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Yeghvard, Sweet Yeghvard

For almost a month now, LCO volunteers from the Diaspora and the capital of Yerevan have made Yeghvard in the Syunik region of Armenia their home away from home. They awake and sleep to the sites and sounds of the countryside and farm life. Birds chirping, bees buzzing, farm animals roaming wherever they turn. Yeghvard may be off in the rural distance, but it is not backward. They have a community center that houses a daycare center and a library. Despite the children’s joy, the only complaint from the villagers is that there is a lack of water. It is a very difficult life for them to endure the mercy of the weather, limited government resources, and a lack of water to adequately supply the needs of their community.

Village Children Actively Participating

The children are everywhere and are the pulse of the village. They cannot get enough of the volunteers, especially the girls. Each female volunteer has her own set of groupies that follows her around all the time at every job site. The volunteers are also clearing the area around the churchyard and the village’s monument to the fallen soldiers of World War II. On one of the days, the local boys wanted to treat the volunteers to a special transportation system, a donkey.

Aside from the work on the project and excursions, the volunteers enjoy each other’s company and other activities in their free time. They play volleyball with a net made out of string, coloring, cards, and other games. Also, three of the volunteers, Julie, Alique, and Nare, celebrated their birthdays in Yeghvard, Armenia with a new group of friends and extended village family. During the summer, the village youth create a discotheque at the center. At night, the village’s children stand by the volunteer’s house calling at them to "come out, come out, and go with us to the disco".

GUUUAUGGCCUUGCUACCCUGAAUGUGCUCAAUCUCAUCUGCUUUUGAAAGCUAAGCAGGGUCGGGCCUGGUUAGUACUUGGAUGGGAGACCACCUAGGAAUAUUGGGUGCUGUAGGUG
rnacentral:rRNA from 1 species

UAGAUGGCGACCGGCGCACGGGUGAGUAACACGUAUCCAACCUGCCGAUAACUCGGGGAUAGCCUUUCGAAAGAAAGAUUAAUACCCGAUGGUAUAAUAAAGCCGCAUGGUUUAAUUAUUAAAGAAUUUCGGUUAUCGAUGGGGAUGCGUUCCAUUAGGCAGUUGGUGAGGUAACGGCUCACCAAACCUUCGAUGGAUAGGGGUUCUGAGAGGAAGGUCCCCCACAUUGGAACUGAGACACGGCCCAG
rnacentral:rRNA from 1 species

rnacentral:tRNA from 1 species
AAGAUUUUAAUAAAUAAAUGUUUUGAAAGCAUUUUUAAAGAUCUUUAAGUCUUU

Vartabed Blessing the Group

The group was blessed by a visit of a Vartabed (priest) who came to view the work and speak to them. Addressing them in Armenian and English, he was extremely moved by the diligence of the volunteers. The group accompanied him into the church where he performed a small mass. The Vartabed expressed his gratitude for the volunteers’ sacrifice and promised to perform the consecration himself upon the church’s completion.  

One of the villagers was very moved by this experience. She said her mother had always told her how beautiful this church was. However, she never believed it, as she had never seen it as an Armenian religious site but instead as storage for grain or hay. During the Soviet era, the villagers had convinced Soviet authorities to use churches as granaries instead of destroying them as places of worship. That is how most of the village churches were protected throughout the Soviet years, even though they were not permitted to repair them.

Throughout the project, the varbeds (craftsmen) have been very impressed with the work that these volunteers accomplished. When the varbeds started to cement the rocks into place, the female volunteers insisted on participating in that job as well. The volunteers’ dedication and spirit have moved the locals of all ages.

LCO Board Members and Experts Reviewing the Project